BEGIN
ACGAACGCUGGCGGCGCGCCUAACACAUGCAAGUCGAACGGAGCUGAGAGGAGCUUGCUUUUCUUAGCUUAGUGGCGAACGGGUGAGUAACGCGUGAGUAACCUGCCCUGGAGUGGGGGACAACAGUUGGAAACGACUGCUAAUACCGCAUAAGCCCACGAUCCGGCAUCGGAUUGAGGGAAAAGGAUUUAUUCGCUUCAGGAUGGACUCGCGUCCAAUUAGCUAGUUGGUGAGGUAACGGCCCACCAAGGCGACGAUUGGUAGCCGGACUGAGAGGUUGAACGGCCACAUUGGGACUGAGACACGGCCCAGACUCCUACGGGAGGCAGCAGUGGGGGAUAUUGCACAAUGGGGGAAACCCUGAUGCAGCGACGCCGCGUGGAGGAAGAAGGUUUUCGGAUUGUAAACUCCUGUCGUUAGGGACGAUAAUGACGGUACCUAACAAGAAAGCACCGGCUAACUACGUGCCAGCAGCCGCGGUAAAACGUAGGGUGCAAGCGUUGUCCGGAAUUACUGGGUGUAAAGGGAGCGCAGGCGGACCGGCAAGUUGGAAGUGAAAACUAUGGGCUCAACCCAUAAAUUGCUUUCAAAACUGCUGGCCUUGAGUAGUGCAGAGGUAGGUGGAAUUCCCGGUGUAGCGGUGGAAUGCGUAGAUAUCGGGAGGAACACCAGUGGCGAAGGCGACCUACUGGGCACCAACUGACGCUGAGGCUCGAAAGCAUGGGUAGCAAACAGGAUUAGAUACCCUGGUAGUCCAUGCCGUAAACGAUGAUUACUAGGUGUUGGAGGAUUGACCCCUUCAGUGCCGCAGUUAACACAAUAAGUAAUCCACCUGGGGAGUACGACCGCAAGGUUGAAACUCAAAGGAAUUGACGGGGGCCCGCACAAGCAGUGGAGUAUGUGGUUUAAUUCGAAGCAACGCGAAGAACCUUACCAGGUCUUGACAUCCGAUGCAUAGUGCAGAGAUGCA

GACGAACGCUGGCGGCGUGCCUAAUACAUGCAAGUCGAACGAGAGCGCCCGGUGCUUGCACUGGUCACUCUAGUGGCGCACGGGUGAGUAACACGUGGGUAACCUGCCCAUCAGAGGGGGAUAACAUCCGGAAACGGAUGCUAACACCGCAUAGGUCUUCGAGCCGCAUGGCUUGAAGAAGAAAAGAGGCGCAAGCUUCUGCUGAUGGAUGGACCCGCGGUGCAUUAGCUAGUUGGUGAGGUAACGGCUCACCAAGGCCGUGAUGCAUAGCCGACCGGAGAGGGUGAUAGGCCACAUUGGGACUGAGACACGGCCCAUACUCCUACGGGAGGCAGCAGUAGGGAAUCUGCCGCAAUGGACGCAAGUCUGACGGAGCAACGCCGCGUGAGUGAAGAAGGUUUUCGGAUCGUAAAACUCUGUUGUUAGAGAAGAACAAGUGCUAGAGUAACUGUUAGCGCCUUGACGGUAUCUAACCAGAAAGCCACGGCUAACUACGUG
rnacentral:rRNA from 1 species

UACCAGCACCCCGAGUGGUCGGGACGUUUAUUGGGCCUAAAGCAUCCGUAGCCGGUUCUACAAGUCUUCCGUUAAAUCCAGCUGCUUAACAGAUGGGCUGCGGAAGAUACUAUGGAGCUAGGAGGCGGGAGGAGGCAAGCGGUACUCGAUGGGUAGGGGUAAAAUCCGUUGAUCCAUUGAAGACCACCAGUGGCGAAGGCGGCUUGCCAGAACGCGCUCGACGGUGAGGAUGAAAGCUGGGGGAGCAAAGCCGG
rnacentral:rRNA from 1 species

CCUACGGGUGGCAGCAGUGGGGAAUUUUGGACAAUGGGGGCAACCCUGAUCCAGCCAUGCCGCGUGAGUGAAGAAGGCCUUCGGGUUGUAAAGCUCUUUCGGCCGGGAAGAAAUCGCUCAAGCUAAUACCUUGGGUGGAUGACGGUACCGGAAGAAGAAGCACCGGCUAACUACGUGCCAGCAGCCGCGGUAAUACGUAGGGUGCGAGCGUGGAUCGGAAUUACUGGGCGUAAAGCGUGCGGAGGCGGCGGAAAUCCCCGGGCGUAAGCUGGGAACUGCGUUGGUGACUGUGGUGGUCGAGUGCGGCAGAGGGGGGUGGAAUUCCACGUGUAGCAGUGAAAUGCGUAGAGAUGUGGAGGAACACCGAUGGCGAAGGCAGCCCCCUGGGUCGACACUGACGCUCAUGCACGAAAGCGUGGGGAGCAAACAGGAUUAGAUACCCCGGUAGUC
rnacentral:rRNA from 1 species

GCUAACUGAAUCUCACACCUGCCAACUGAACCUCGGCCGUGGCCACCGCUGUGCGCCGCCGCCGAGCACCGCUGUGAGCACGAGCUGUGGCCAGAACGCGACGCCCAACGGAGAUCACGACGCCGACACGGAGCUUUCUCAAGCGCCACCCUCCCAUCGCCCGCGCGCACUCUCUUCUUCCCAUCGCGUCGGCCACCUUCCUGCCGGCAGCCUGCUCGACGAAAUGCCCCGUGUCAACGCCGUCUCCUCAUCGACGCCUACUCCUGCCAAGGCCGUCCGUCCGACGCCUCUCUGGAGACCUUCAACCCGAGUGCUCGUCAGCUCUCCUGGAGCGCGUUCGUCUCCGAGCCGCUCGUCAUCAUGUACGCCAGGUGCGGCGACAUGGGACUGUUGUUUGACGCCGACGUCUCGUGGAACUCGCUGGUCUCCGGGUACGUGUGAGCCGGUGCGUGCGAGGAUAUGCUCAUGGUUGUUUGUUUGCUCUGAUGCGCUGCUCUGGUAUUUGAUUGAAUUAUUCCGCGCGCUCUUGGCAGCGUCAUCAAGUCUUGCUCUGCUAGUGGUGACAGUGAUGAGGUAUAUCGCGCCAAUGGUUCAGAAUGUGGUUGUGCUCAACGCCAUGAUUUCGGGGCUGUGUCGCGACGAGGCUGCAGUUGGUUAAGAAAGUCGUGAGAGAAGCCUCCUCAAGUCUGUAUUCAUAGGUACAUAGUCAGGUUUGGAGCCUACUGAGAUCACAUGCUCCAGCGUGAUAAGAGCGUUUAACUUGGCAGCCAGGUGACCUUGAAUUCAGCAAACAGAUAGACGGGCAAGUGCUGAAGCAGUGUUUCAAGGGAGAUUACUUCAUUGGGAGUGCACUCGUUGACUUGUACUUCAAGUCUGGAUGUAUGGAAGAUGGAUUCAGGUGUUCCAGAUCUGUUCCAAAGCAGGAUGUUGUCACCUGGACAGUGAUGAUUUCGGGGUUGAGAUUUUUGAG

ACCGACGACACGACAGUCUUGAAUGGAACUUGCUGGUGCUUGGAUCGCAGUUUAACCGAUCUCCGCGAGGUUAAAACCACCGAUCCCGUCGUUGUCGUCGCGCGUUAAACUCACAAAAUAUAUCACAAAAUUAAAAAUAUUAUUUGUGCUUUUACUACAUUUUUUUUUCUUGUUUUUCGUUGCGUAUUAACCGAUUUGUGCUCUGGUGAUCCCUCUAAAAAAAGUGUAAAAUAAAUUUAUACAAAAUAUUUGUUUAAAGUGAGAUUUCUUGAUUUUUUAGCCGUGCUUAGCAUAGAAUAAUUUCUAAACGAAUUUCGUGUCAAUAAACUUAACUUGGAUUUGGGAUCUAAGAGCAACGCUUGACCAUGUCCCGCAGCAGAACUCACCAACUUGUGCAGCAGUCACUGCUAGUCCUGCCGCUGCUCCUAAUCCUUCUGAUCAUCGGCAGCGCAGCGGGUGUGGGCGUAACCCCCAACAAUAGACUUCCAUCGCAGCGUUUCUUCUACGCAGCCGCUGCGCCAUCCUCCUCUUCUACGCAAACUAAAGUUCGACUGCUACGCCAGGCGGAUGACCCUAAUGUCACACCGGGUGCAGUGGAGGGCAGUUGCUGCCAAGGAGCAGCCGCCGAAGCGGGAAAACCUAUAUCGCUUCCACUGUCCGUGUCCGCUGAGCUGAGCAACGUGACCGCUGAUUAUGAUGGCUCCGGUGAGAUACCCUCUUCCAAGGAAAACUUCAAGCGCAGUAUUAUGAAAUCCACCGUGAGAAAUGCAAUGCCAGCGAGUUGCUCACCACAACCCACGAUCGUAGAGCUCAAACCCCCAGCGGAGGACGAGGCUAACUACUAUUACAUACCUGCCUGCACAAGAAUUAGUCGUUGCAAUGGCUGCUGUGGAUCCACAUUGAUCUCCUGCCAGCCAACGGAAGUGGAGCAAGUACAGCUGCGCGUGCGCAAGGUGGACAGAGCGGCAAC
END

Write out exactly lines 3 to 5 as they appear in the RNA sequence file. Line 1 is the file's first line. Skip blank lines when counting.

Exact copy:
rnacentral:rRNA from 1 species

UACCAGCACCCCGAGUGGUCGGGACGUUUAUUGGGCCUAAAGCAUCCGUAGCCGGUUCUACAAGUCUUCCGUUAAAUCCAGCUGCUUAACAGAUGGGCUGCGGAAGAUACUAUGGAGCUAGGAGGCGGGAGGAGGCAAGCGGUACUCGAUGGGUAGGGGUAAAAUCCGUUGAUCCAUUGAAGACCACCAGUGGCGAAGGCGGCUUGCCAGAACGCGCUCGACGGUGAGGAUGAAAGCUGGGGGAGCAAAGCCGG
rnacentral:rRNA from 1 species